Richard Hunt’s terrific sculpture show at David Weinberg Gallery closed last weekend, but if you missed it there’s another powerful selection of Hunt’s work from the past 20 years on view at G.R. N’Namdi Gallery.
David Weinberg’s space, the smaller of the two galleries, showed off the many paradoxical elements of Hunt’s sculptures in a surprisingly effective manner. When I first walked in to that exhibition, the room felt overly crowded to the extent that I feared one of sculptures’ edges might actually jab me (or I it). But it quickly became clear that, physically at least, there was plenty of room for all of us.
Hunt’s work is full of surprises like that. Eluding easy formal classifications, his sculptures can’t adequately be described as organic, nor are they exactly technological in nature. They’re somewhere in between the two, where spiraling forms evoke the flow of waves or the whir of circular blades. One sculpture at N’Namdi recalls a stack of bones, human and otherwise; others have sharp, protruding hooks. The lines of Hunt’s sculptures alternate between curving and jagged, their movement sometimes vertical, sometimes lateral, but always, always upwards.
Stacks of things frequently rest atop stacks of other things, as if someone were trying to build a stairway to heaven by piling object upon object as high as the whole thing will go–an implausible and impossibly graceful agglomeration of broken wings, torn dorsal fins, discarded hand tools and shards of bone.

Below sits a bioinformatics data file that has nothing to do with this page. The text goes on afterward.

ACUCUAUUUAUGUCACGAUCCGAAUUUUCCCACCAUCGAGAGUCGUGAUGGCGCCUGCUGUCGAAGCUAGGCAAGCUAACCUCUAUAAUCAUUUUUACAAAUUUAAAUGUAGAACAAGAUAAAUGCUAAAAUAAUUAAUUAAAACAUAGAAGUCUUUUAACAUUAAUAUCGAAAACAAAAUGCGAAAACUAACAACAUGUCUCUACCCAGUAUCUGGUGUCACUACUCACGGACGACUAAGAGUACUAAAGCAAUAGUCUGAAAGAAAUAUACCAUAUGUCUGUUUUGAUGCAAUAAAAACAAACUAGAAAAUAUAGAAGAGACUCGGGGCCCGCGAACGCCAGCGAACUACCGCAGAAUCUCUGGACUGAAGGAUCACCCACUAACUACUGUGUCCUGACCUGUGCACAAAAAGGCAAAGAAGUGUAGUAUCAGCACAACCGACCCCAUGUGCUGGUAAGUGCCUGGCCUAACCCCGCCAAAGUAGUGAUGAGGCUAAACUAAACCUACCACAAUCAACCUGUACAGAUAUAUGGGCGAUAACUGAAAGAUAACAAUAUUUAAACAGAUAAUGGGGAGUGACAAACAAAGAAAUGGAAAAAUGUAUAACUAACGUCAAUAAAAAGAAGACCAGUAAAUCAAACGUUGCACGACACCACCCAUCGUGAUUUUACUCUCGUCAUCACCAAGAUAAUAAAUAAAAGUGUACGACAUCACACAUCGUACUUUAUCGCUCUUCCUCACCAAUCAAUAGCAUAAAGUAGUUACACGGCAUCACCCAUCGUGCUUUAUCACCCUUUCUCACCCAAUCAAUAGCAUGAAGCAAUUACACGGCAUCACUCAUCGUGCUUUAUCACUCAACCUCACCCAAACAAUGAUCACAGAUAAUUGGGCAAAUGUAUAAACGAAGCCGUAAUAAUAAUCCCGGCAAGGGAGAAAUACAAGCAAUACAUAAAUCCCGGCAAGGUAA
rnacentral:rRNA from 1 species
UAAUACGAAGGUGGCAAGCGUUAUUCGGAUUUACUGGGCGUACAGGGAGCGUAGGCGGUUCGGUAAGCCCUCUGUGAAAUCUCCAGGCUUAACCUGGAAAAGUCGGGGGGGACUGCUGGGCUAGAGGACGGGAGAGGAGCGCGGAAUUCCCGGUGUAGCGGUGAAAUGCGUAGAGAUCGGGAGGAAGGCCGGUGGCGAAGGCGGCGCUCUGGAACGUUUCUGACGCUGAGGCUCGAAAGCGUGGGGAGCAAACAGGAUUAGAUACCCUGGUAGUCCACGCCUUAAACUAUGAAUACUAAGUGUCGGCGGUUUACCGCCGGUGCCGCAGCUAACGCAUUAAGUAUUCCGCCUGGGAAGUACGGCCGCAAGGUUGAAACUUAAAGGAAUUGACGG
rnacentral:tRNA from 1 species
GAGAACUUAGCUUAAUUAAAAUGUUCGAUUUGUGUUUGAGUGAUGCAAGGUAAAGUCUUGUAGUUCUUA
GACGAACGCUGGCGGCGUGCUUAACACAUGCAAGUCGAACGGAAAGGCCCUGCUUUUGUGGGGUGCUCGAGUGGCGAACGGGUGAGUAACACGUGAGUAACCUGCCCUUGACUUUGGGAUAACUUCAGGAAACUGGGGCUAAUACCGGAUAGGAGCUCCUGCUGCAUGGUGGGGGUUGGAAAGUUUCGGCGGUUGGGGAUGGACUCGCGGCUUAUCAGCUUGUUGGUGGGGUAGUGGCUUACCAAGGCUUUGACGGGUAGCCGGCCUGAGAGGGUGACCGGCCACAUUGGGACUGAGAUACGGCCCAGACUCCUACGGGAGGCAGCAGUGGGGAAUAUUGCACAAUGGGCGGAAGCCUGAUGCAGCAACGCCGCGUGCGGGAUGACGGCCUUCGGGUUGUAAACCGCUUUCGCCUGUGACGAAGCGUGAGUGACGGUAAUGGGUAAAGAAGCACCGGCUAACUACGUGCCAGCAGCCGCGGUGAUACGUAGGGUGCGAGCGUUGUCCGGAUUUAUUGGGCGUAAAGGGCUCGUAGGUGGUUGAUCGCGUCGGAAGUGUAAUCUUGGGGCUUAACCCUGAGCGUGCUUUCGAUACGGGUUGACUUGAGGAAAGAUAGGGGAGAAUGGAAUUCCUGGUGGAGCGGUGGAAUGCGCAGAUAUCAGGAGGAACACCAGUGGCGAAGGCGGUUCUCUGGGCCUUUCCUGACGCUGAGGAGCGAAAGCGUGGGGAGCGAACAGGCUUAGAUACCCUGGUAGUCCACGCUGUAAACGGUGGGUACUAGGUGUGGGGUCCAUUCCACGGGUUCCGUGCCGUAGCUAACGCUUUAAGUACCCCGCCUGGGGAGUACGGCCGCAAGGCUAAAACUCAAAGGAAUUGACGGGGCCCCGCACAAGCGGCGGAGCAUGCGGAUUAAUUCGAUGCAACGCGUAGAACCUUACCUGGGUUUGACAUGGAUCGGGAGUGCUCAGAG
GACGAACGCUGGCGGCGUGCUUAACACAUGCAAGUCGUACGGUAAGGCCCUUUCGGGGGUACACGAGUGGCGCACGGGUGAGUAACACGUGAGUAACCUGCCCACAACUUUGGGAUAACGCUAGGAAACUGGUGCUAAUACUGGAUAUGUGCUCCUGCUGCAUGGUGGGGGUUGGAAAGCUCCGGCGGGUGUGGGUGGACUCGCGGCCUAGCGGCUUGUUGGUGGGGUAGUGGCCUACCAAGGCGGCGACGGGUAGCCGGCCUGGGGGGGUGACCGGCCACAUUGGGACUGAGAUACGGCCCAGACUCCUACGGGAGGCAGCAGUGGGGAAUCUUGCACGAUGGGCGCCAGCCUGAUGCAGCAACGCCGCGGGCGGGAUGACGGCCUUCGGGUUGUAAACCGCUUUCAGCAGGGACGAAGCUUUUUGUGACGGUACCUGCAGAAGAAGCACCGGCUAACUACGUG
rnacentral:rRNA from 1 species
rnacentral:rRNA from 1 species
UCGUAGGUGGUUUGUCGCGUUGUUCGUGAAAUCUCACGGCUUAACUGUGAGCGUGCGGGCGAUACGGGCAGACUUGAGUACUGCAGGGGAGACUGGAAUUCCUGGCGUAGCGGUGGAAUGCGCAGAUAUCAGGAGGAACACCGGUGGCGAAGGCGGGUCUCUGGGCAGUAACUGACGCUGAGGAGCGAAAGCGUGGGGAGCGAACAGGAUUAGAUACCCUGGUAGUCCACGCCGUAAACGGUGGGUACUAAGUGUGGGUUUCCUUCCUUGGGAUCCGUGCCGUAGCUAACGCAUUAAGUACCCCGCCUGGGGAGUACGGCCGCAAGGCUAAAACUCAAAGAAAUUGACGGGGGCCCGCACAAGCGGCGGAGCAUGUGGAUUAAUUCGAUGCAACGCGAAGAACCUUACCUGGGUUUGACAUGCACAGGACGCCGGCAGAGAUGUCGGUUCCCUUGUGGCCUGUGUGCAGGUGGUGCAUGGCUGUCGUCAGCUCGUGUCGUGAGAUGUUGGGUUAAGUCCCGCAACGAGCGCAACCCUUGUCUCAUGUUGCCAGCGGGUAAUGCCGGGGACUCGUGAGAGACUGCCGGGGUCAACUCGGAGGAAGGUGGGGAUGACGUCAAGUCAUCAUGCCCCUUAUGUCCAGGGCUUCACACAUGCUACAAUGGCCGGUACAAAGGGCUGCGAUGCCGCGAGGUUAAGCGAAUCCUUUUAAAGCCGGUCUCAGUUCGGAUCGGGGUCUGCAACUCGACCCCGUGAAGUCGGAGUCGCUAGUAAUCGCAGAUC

Hunt’s sculptures may reach upwards, but they’re far from dreamy. The often rapid transitions from one form to another doesn’t suggest rebirth or regeneration so much as an effort to fit together, sometimes clumsily, that which already exists. In this Hunt’s forms evoke the forward movement of history (be it an individual’s or a nation’s) as something precariously and pragmatically achieved, in fits and starts, over time.
The show is at G.R. N’Namdi Gallery (110 N. Peoria, Chicago, 312-563-9240) through June 30th.
Dubai’s new idea is a massive sculpture called “Al Hakawati” The Storyteller. This towering figure will be a home of stories; a children’s library in its base and various spaces for performance and reading inside of the statue. Not only will it house stories but will also tell stories.
Yes, Al Hakawati will have both articulate arms and head. While it moves the arms and head it will broadcast via small speakers located throughout the park the tales it tells.
The head of the statue will house a golden room that overlooks the city and whose purpose is currently unknown but speculation is that it will be a discotheque.
From the “Don’t Tase me Bro” incident to the Raping and murder of Abeer Qassim al-Janabi by Pte. Green, Automata can capture a moment unlike anything else. Jon Haddock’s work does that better then anything i have seen in a long while.
Brian Dettmer’s sculptures are like steampunk versions of data clouds. Treating books as if they were bodies under investigation (the word ‘autopsy’ comes up frequently in discussions of this artist’s work), Dettmer expertly fillets them, foregrounding certain pictures, words, and illustrations while excising others in order to highlight previously unnoticed relationships. The results are densely layered bibliophilic wunderkammer that are truly incredible to behold.